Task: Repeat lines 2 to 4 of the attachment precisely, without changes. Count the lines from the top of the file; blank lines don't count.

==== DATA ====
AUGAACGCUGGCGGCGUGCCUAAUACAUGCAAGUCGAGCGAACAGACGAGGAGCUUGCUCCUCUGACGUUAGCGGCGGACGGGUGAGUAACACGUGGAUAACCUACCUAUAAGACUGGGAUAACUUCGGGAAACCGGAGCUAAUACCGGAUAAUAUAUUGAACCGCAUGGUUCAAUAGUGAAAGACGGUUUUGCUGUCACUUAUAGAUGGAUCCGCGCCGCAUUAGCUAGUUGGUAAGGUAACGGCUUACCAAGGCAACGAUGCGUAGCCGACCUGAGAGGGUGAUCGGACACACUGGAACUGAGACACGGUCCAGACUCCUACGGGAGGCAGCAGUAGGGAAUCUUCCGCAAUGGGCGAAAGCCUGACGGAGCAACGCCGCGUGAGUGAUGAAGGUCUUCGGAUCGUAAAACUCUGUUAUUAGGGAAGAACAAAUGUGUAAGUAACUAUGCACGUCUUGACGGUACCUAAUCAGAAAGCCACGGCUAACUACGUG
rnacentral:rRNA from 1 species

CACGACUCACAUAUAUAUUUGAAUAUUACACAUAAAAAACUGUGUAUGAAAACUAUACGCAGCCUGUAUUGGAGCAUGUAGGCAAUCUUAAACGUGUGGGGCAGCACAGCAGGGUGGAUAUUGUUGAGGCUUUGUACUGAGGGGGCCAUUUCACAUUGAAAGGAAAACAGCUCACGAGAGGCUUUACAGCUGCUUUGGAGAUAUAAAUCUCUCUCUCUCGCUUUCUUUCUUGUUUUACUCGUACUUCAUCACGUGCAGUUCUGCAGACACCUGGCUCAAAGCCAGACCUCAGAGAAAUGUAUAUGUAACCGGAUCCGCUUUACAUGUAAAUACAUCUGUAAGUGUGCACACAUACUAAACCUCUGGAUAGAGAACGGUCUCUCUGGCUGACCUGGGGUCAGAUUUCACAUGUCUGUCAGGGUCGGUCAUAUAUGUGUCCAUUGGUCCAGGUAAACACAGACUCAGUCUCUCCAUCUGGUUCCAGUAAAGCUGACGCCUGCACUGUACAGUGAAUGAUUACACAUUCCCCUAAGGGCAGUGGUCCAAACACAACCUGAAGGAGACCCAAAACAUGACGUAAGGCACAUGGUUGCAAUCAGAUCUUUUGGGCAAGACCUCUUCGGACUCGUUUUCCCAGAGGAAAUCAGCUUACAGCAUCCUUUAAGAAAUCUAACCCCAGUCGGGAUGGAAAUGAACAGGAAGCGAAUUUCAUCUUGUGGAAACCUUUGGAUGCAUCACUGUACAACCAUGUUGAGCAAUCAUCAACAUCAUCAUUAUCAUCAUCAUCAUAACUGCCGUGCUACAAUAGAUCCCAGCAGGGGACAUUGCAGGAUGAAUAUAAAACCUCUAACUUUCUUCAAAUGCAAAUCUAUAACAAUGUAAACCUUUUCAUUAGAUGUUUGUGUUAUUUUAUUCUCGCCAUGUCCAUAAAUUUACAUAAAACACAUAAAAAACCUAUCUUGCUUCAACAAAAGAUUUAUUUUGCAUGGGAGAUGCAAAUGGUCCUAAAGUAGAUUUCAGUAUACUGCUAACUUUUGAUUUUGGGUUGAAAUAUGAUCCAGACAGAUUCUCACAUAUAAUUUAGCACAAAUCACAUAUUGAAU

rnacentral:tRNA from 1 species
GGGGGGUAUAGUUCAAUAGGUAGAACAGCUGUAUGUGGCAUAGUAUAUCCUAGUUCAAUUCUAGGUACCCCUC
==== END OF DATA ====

rnacentral:rRNA from 1 species

CACGACUCACAUAUAUAUUUGAAUAUUACACAUAAAAAACUGUGUAUGAAAACUAUACGCAGCCUGUAUUGGAGCAUGUAGGCAAUCUUAAACGUGUGGGGCAGCACAGCAGGGUGGAUAUUGUUGAGGCUUUGUACUGAGGGGGCCAUUUCACAUUGAAAGGAAAACAGCUCACGAGAGGCUUUACAGCUGCUUUGGAGAUAUAAAUCUCUCUCUCUCGCUUUCUUUCUUGUUUUACUCGUACUUCAUCACGUGCAGUUCUGCAGACACCUGGCUCAAAGCCAGACCUCAGAGAAAUGUAUAUGUAACCGGAUCCGCUUUACAUGUAAAUACAUCUGUAAGUGUGCACACAUACUAAACCUCUGGAUAGAGAACGGUCUCUCUGGCUGACCUGGGGUCAGAUUUCACAUGUCUGUCAGGGUCGGUCAUAUAUGUGUCCAUUGGUCCAGGUAAACACAGACUCAGUCUCUCCAUCUGGUUCCAGUAAAGCUGACGCCUGCACUGUACAGUGAAUGAUUACACAUUCCCCUAAGGGCAGUGGUCCAAACACAACCUGAAGGAGACCCAAAACAUGACGUAAGGCACAUGGUUGCAAUCAGAUCUUUUGGGCAAGACCUCUUCGGACUCGUUUUCCCAGAGGAAAUCAGCUUACAGCAUCCUUUAAGAAAUCUAACCCCAGUCGGGAUGGAAAUGAACAGGAAGCGAAUUUCAUCUUGUGGAAACCUUUGGAUGCAUCACUGUACAACCAUGUUGAGCAAUCAUCAACAUCAUCAUUAUCAUCAUCAUCAUAACUGCCGUGCUACAAUAGAUCCCAGCAGGGGACAUUGCAGGAUGAAUAUAAAACCUCUAACUUUCUUCAAAUGCAAAUCUAUAACAAUGUAAACCUUUUCAUUAGAUGUUUGUGUUAUUUUAUUCUCGCCAUGUCCAUAAAUUUACAUAAAACACAUAAAAAACCUAUCUUGCUUCAACAAAAGAUUUAUUUUGCAUGGGAGAUGCAAAUGGUCCUAAAGUAGAUUUCAGUAUACUGCUAACUUUUGAUUUUGGGUUGAAAUAUGAUCCAGACAGAUUCUCACAUAUAAUUUAGCACAAAUCACAUAUUGAAU

rnacentral:tRNA from 1 species